I know that every person, both men and women, have those things in their minds and hearts that they have vowed to do differently from their fathers and mothers. I’ve never questioned that my dad loved and continues to love me. He always tells me how proud he is of me, and if there’s one thing that can always make him smile, its talking about “his boys”, whom he loves dearly. However, there were ways in which my dad wasn’t there for me growing up. His idea of being a good father was to provide for his family, and that he did. He would work two or three jobs at times if it meant that we had food on the table, clothes on our backs and a roof over our heads. That also meant that we didn’t always see him, and when he was home, often times he was too tired to play with us. He didn’t like sports, so playing catch with us happened about once a year. He didn’t like any kind of games, so if we were playing video games it was in our rooms so he could watch TV, and if it was a family board game, he passed in favor of, well, watching TV. Sleeping in any bed other then his own for any period of time longer than one night was not something he preferred to do, so family vacations, while fun when they did happen (see Orlando, Florida), were few and far between. He did take us to things like car shows and drag racing events, and while these things were a blast and are great memories for me, it just never seemed to make up for all of the other things that he couldn’t do or chose not to do with my brothers and I.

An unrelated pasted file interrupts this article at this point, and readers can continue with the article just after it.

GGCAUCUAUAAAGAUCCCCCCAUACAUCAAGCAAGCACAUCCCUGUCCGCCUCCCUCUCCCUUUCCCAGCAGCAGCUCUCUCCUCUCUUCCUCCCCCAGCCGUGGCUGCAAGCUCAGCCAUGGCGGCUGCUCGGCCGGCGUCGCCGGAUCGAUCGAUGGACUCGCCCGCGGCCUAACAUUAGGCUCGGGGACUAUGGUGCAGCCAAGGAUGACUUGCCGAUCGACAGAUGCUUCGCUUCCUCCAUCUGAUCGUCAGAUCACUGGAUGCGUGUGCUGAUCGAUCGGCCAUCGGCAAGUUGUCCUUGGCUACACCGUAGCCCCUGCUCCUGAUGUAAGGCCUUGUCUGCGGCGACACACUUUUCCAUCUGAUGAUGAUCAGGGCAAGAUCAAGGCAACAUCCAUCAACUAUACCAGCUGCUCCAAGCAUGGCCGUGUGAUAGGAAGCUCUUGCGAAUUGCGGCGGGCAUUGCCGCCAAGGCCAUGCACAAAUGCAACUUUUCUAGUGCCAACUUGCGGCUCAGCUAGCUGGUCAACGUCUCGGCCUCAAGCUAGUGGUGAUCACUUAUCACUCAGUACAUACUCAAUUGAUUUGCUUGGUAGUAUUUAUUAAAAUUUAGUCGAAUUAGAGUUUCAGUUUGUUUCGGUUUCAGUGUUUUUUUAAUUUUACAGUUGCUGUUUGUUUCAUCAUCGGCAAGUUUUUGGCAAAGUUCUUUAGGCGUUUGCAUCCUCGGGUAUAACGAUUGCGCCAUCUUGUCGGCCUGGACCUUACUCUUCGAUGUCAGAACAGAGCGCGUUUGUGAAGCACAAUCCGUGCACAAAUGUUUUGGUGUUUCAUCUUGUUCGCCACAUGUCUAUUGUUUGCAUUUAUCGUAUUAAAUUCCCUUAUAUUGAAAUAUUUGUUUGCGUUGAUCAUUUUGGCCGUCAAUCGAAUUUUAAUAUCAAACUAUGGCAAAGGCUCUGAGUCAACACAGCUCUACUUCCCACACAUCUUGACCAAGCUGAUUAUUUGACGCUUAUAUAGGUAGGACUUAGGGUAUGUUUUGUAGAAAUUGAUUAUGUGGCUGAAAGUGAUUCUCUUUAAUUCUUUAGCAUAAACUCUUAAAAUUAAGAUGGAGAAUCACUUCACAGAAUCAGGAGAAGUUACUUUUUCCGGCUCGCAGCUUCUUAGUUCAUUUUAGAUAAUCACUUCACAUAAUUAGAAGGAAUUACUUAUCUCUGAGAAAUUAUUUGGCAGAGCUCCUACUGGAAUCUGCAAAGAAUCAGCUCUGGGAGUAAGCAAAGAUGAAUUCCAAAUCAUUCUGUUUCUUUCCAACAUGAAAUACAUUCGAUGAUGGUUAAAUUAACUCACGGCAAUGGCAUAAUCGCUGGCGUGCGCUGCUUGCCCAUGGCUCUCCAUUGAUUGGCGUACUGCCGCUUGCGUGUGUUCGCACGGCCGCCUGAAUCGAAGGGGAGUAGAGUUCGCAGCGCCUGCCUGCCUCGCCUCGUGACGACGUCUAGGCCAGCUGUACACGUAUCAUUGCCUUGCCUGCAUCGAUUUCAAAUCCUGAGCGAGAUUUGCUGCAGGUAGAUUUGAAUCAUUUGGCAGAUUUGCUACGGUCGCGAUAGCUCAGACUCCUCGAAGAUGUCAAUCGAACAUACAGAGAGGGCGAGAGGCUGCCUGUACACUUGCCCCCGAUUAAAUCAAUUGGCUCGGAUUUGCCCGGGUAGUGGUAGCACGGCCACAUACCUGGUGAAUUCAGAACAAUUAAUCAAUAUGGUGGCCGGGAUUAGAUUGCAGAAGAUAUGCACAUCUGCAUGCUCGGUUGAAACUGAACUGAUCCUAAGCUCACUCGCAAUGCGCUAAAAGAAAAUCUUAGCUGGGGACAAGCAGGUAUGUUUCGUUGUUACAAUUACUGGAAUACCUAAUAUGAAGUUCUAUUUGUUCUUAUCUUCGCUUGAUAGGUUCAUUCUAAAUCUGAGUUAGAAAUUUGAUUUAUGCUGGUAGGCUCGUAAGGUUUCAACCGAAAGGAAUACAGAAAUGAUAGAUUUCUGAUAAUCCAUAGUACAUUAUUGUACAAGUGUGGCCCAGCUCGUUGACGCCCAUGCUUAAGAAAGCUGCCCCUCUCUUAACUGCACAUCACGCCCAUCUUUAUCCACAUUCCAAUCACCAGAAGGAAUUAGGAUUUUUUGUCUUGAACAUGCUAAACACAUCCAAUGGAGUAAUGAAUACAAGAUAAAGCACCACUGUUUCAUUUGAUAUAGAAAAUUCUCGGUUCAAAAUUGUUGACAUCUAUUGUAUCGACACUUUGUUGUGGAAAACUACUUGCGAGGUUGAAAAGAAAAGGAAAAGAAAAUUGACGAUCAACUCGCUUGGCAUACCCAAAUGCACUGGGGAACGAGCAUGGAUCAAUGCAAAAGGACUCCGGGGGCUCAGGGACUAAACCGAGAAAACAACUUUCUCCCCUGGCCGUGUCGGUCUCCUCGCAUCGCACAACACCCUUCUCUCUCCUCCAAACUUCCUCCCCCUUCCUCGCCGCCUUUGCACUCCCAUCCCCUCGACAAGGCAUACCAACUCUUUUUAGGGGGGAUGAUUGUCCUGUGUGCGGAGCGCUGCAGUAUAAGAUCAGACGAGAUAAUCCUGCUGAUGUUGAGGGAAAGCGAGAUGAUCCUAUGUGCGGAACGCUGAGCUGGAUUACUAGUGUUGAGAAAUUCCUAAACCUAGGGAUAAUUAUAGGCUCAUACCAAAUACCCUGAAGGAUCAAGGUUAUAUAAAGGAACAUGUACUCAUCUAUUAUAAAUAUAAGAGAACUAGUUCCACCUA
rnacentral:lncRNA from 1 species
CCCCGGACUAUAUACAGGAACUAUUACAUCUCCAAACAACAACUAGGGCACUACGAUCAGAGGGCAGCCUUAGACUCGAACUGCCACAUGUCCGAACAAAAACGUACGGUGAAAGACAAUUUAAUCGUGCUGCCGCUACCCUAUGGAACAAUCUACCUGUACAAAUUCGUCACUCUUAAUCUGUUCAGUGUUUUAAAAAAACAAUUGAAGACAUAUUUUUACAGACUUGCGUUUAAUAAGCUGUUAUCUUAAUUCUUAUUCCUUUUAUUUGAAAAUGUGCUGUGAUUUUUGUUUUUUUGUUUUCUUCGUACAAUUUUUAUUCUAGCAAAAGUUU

These are the things that I always vowed to change when I became a father. I wanted to spend as much time with my children as possible, even if it meant doing something that I had absolutely no interest in (Lord, please help my future son to not be a dancer. Amen). I wanted my children to know that I would always be there for them , to give them advice, or to simply listen to their problems, even if I didn’t have a great answer to give them, just so they knew that I cared about them.
Yet while these are noble goals and things that I believe every parent should do, there is something that I have learned, even prior to my first child being born, and that is this: the entirety of my fatherhood cannot be based on a reaction to the mistakes that my own father made. I should want to spend time with my children not because my father didn’t, but because I love my children and it should bring me joy to be with them, and while there is most definitely great value in learning from others’ mistakes, that should be secondary to the primary goal of being a loving and godly example to my children because that is the role in which God has placed me.
I do hope that I have not conveyed a sense of fear and uncertainty that exceeds my sense of excitement, joy and anticipation at the arrival of my child, for that is certainly not the case. October can’t come quickly enough! Ultimately these are fears that I must entrust to the Lord Jesus Christ, to trust and believe that He will provide me with everything that I need to be a loving, Christlike father to my children. And that’s just it. The things I now fear that I won’t be able to do are things that only He can do through me. I cannot be selfless to my wife and children apart from having the mind of Christ (Philippians 2:5), who loved us and gave of Himself even to the point of setting aside His heavenly throne, putting on flesh, and dying for our sin. I cannot love like that on my own power. And there is actually great comfort in that truth. Try as I may, I will only fail apart from His strength.
I pray that I will be humble enough to admit my mistakes to my children and to ask them for their forgiveness. I pray that I will be selfless enough to lay aside my (incredibly) selfish desires in order love and serve them for their benefit and my joy. And I pray that through my growth, through my trials and errors, and through my love and sacrifice for them, that they will in turn encounter the living God, to know the truth of His Word, and so be saved by the Lord Jesus Christ by repenting and placing their trust on Him as their saving Lord.
That is the legacy I want to leave as a father.